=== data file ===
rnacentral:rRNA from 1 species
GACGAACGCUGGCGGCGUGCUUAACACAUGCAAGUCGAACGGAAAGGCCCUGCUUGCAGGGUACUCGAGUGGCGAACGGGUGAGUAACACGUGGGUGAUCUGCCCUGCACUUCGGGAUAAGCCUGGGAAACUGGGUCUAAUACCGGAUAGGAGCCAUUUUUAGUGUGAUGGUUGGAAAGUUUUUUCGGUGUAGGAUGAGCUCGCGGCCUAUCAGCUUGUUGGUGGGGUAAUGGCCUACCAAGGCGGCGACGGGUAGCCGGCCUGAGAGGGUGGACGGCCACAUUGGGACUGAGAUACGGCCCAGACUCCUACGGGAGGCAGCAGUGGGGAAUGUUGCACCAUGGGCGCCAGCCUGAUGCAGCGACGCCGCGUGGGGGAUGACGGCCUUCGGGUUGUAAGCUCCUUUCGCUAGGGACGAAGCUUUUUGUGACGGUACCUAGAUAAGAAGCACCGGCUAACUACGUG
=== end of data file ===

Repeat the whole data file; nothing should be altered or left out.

rnacentral:rRNA from 1 species
GACGAACGCUGGCGGCGUGCUUAACACAUGCAAGUCGAACGGAAAGGCCCUGCUUGCAGGGUACUCGAGUGGCGAACGGGUGAGUAACACGUGGGUGAUCUGCCCUGCACUUCGGGAUAAGCCUGGGAAACUGGGUCUAAUACCGGAUAGGAGCCAUUUUUAGUGUGAUGGUUGGAAAGUUUUUUCGGUGUAGGAUGAGCUCGCGGCCUAUCAGCUUGUUGGUGGGGUAAUGGCCUACCAAGGCGGCGACGGGUAGCCGGCCUGAGAGGGUGGACGGCCACAUUGGGACUGAGAUACGGCCCAGACUCCUACGGGAGGCAGCAGUGGGGAAUGUUGCACCAUGGGCGCCAGCCUGAUGCAGCGACGCCGCGUGGGGGAUGACGGCCUUCGGGUUGUAAGCUCCUUUCGCUAGGGACGAAGCUUUUUGUGACGGUACCUAGAUAAGAAGCACCGGCUAACUACGUG